October 25, 2017
Bad news is better than no news at all when it comes to motivating staff, according to new research from academics in Warwick and Zurich. The study found that withholding important information from staff could mean the difference between a motivated workforce and an unmotivated one – irrespective of whether it was good or bad news for workers. The study, led by Leif Brandes, of Warwick Business School, found that many managers underestimate the motivational power of bad news. In the paper The Value and Motivating Mechanism of Transparency in Organizations, published in the European Economic Review, Dr Brandes and Donja Darai, of the University of Zurich, designed a new version of the so-called ‘dictator’ game to study the effect of information sharing on motivation.
“If you look at the many online reports on employee complaints about a lack of transparency in their organisations, it is clear that many managers decide to partly withhold information from their employees, opting to keep them in the dark,” said Dr Brandes. “However, our research shows that doing this is more detrimental to their staff’s effort and motivation than previously assumed.”
The study involved two people with the aim being for participant B to motivate participant A to transfer as much money as possible to participant B. A was paid £5 or £10, but didn’t know which, and then had to decide whether to transfer the money or not. B, who knew how much A had been given, could spend £1 to send a message to A as to whether they had £5 or £10. So effectively they could spend £1 to give their partner the bad news they had received £5.
Dr Brandes added: “We had participants play the same game up to 10 times, each time with a new partner. We designed the communication from B to mirror managers’ opportunity cost of communication in the real world.”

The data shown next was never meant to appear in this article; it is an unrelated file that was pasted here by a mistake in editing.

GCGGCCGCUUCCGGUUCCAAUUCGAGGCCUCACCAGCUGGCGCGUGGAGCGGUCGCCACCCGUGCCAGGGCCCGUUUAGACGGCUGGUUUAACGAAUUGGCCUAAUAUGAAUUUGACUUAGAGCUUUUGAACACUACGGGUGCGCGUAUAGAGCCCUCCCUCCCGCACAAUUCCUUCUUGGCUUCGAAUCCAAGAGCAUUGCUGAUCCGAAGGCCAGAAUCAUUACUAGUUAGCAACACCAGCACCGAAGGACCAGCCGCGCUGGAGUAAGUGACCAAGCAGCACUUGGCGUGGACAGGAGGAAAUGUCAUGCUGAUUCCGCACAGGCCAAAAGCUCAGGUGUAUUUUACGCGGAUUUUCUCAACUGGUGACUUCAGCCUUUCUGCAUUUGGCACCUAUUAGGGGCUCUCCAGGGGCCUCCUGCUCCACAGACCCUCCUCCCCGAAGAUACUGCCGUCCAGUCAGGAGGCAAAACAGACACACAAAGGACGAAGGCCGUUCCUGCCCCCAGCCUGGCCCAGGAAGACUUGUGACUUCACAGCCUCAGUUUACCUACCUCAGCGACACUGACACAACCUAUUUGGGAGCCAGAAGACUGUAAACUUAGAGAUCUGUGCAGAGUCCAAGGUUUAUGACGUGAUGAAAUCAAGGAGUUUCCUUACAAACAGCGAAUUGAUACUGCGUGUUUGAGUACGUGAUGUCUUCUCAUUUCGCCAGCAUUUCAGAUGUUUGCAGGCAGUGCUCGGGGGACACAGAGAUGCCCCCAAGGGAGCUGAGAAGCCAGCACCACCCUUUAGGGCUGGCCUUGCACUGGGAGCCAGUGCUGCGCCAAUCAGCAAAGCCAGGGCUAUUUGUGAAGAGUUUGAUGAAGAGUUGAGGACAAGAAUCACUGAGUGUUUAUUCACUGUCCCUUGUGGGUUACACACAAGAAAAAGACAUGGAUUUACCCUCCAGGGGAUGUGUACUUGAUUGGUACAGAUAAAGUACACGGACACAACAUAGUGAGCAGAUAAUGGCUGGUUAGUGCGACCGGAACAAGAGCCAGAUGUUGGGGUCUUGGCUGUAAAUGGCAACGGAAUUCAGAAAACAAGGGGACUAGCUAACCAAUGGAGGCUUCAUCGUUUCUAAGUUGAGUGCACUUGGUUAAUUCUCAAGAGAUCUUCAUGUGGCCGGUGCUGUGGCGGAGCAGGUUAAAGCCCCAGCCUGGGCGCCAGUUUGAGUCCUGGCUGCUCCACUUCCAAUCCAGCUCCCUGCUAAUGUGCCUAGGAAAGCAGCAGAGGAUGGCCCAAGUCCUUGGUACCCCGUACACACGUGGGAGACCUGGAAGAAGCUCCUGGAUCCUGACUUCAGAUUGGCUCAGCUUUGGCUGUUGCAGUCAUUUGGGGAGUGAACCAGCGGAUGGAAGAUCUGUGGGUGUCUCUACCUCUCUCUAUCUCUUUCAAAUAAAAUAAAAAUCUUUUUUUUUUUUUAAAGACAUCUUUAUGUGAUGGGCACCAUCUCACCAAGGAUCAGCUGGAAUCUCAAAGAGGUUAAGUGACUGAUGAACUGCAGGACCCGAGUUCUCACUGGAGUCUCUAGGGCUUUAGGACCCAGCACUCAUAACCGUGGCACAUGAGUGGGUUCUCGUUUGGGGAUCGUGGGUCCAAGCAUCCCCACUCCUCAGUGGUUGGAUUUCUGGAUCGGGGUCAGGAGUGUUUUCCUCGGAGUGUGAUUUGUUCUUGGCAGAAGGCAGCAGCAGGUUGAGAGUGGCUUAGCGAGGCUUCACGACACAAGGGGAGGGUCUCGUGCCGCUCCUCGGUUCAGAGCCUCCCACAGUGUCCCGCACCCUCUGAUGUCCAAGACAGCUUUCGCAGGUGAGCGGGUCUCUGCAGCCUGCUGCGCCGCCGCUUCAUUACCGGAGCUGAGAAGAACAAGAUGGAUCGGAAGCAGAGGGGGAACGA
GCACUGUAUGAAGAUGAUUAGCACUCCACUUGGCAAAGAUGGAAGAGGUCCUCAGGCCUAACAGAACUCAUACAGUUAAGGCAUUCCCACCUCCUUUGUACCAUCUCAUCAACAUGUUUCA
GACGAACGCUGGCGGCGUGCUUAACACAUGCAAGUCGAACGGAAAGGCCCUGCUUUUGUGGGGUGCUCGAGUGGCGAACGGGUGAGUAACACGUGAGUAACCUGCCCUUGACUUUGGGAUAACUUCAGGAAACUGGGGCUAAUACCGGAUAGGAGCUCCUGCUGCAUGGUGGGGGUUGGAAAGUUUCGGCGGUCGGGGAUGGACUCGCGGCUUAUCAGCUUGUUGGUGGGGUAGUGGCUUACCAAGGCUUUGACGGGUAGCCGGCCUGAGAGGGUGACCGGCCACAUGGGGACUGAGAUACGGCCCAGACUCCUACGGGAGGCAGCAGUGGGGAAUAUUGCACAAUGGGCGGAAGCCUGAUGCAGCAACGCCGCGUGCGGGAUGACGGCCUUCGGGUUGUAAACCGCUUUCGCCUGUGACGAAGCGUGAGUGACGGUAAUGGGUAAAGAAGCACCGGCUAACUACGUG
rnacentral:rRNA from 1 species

Across these 10 rounds of play, Brandes and Darai found that when A didn’t know if they had £5 or £10, the amount they transferred was 48 per cent lower than when they had been given the bad news that they had been given £5 and not £10.
At first glance, this is a surprising finding: even in the absence of information sharing, participant A can be sure to have at least £5, so how could the sharing of bad news increase the motivation to transfer more money?
Dr Brandes said: “We think that information sharing helps participant B to shape A’s perspective of their relationship: after all, a person who is willing to spend money on information sharing is likely to be a nicer person than a person who does not spend the money. And ample research in economics and psychology shows that people are willing to share more with those who they perceive to be nice.”
Support for this was found in a different version of the game where A knew if they had £5 or £10, irrespective of B sending a message. But transferred amounts were still 40 per cent lower when B had not sent a personal message stating again how much money A had received – even though A already knew. Such knowledge about the motivating mechanism behind the value of transparency is of great relevance for managers. Especially as the study shows that even if the news has already spread around the company employees would still be motivated just by being contacted and told personally.
Dr Brandes said: “Our data provides clear evidence that people are not only motivated by money. Instead, informing them about relevant developments in the work environment – even if it has already started to spread within the organisation – can also boost work performance. Managers often have access to relevant information before employees, and can decide whether to share or withhold this information. Unfortunately many managers go for the latter, which demotivates their staff. In the study 50 per cent in the role of participant B decided to disclose their information too restrictively.
“The consequence was that these participants earned about 30 per cent less than what they would have earned by being fully transparent in the experiment. One might expect that our ‘managers’ would have improved at establishing transparency by round 10, but they did not. In fact, they got worse.”
The researchers attribute this lack of learning to another parallel between the real-world and their experiment: a manager who does not share information cannot observe how hard employees would have worked after information sharing. This makes it extremely hard to gauge the cost of not being transparent.
Dr Brandes added: “In response, these managers incorrectly believed that information disclosure was ineffective as a motivational tool and stopped sharing their information. Real-world managers should take note: it is not uncommon for uninformed employees to eventually even leave the firm, so sometimes bad news is better than no news at all.”